STOP, DROP AND ROLL

Courtesy of CREB:  Gerald Vander Pyl

Fire safety tips to protect your home

In Calgary, a recent string of house fires has people thinking about fire safety in the home.

Carol Henke, public information officer with the Calgary Fire Department, says kitchen fires are the most common residential call for the fire department, “and often it’s because people leave their cooking unattended.”

She says someone will put oil in a pan to heat up, and once the oil reaches its ignition temperature, it bursts into flames.

People often make things worse by trying to carry the pan out of the house, risking burns and potentially spreading the fire if they panic and drop the pan.

In this situation, Henke says you should put a cover on the pan of burning oil and turn off the heat. If flames have spread out of control, get everyone out of the house and call 911.

The most common cause of outdoor fires is improper disposal of smoking materials, according to Henke.

People often put out cigarettes in planter pots or combustible containers, or ones that are metal, but which have so many cigarette butts in them they can catch fire.

If something does cause a fire in your home, Henke says “having working smoke alarms on every level is what is going to alert you to the fact there is a fire.”

The way new homes are built has changed for the better when it comes to fire safety.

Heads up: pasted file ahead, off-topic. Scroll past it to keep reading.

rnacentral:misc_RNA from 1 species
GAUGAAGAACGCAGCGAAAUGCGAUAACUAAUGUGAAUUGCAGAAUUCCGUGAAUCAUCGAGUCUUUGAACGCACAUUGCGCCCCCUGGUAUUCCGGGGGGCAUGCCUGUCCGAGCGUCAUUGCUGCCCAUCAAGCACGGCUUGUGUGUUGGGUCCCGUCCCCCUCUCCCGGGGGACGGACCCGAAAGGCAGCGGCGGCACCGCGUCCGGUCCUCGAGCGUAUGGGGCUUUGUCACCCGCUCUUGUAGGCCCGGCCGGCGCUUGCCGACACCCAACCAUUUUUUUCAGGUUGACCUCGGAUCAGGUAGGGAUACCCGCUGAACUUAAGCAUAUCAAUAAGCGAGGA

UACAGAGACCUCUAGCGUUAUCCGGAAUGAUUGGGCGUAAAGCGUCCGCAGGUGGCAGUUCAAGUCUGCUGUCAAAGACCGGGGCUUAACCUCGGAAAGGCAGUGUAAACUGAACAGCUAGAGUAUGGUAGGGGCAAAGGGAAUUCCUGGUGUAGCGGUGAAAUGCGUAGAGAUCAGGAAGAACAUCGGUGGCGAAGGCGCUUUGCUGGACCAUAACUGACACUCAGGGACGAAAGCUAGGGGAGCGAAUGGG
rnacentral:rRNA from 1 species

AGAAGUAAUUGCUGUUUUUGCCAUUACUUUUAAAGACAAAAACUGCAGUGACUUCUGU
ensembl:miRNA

After an Edmonton fire in 2007 started in a four-unit condo complex, eventually destroying 18 nearby townhomes and damaging 70 houses, the province updated building, fire and electrical codes.

Rick Gratton, senior development manager of Calgary Homes for Brookfield Residential, says many of the changes relate to spatial separation.

Gratton says depending on how close the exterior of a house will be to the property line, there are limits on the number of side windows it can have, since openings in the walls allow fire to spread to an adjacent home more easily.

Gratton says tightly spaced homes also require increased use of fire-resistant sheeting and cladding. The codes even dictate materials needed during the construction phase, because partially built homes are especially susceptible to fire damage.

He says soffits are now required to be closed in to prevent fire from spreading into attics, and attached garages must be drywalled inside.




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